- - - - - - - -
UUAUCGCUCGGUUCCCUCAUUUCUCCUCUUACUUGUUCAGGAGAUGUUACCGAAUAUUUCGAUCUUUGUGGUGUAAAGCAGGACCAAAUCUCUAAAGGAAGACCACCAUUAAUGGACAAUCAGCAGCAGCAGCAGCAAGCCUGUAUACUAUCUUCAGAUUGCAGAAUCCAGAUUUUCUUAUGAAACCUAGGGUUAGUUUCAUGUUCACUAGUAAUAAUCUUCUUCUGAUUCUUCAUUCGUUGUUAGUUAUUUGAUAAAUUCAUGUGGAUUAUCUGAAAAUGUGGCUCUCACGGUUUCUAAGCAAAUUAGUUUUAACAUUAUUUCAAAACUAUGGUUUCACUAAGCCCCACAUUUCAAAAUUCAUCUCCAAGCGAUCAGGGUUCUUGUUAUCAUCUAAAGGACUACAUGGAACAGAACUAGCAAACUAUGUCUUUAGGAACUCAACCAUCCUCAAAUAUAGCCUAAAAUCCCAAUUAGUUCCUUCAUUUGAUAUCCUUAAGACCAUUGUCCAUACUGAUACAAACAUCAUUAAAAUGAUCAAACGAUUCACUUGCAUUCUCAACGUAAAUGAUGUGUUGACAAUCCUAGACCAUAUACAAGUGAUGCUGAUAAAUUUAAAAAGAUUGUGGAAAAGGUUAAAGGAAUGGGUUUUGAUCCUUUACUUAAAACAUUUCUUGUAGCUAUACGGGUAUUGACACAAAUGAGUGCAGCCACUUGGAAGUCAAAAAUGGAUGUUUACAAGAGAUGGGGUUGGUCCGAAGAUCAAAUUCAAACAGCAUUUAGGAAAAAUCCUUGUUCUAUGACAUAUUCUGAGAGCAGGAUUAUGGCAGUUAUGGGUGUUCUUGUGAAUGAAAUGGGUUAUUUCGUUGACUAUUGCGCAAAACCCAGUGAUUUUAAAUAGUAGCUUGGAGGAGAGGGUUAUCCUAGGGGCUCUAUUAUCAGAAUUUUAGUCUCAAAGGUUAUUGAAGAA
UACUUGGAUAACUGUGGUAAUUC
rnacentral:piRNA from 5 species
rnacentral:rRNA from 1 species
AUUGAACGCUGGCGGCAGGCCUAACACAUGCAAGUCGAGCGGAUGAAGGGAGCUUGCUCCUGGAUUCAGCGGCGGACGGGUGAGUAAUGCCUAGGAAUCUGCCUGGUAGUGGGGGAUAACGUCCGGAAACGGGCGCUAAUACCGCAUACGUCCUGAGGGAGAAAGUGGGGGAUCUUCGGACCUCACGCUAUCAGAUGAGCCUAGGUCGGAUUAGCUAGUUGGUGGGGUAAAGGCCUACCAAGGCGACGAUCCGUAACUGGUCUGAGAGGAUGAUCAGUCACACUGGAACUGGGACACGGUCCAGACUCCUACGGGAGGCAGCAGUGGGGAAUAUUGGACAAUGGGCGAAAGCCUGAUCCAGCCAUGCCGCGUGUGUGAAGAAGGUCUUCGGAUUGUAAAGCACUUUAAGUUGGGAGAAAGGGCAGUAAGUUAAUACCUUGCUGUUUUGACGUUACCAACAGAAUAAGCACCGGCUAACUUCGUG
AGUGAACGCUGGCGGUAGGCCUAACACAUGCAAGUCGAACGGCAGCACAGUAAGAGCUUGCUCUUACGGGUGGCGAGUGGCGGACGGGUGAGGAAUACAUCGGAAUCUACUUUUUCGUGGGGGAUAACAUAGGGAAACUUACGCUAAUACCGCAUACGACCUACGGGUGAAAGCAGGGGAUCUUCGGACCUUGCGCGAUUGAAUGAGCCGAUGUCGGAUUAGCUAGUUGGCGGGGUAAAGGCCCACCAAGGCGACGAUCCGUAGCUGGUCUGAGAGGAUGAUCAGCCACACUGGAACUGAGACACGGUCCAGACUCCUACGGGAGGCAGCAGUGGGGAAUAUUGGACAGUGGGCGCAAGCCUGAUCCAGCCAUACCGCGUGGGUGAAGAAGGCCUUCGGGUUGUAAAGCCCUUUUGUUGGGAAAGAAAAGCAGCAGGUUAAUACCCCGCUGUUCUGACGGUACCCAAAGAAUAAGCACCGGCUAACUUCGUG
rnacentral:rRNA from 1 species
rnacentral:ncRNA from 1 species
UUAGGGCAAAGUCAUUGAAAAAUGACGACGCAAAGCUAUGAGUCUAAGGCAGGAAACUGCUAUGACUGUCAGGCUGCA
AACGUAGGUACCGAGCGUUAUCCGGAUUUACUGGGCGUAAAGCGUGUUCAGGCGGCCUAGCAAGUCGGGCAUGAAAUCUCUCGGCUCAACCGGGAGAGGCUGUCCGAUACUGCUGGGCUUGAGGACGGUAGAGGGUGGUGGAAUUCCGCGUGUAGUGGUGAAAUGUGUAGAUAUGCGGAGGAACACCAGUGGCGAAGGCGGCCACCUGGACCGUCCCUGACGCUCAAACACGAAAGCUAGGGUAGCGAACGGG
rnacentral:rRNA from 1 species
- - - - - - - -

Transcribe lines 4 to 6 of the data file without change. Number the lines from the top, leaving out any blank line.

rnacentral:rRNA from 1 species
AUUGAACGCUGGCGGCAGGCCUAACACAUGCAAGUCGAGCGGAUGAAGGGAGCUUGCUCCUGGAUUCAGCGGCGGACGGGUGAGUAAUGCCUAGGAAUCUGCCUGGUAGUGGGGGAUAACGUCCGGAAACGGGCGCUAAUACCGCAUACGUCCUGAGGGAGAAAGUGGGGGAUCUUCGGACCUCACGCUAUCAGAUGAGCCUAGGUCGGAUUAGCUAGUUGGUGGGGUAAAGGCCUACCAAGGCGACGAUCCGUAACUGGUCUGAGAGGAUGAUCAGUCACACUGGAACUGGGACACGGUCCAGACUCCUACGGGAGGCAGCAGUGGGGAAUAUUGGACAAUGGGCGAAAGCCUGAUCCAGCCAUGCCGCGUGUGUGAAGAAGGUCUUCGGAUUGUAAAGCACUUUAAGUUGGGAGAAAGGGCAGUAAGUUAAUACCUUGCUGUUUUGACGUUACCAACAGAAUAAGCACCGGCUAACUUCGUG
AGUGAACGCUGGCGGUAGGCCUAACACAUGCAAGUCGAACGGCAGCACAGUAAGAGCUUGCUCUUACGGGUGGCGAGUGGCGGACGGGUGAGGAAUACAUCGGAAUCUACUUUUUCGUGGGGGAUAACAUAGGGAAACUUACGCUAAUACCGCAUACGACCUACGGGUGAAAGCAGGGGAUCUUCGGACCUUGCGCGAUUGAAUGAGCCGAUGUCGGAUUAGCUAGUUGGCGGGGUAAAGGCCCACCAAGGCGACGAUCCGUAGCUGGUCUGAGAGGAUGAUCAGCCACACUGGAACUGAGACACGGUCCAGACUCCUACGGGAGGCAGCAGUGGGGAAUAUUGGACAGUGGGCGCAAGCCUGAUCCAGCCAUACCGCGUGGGUGAAGAAGGCCUUCGGGUUGUAAAGCCCUUUUGUUGGGAAAGAAAAGCAGCAGGUUAAUACCCCGCUGUUCUGACGGUACCCAAAGAAUAAGCACCGGCUAACUUCGUG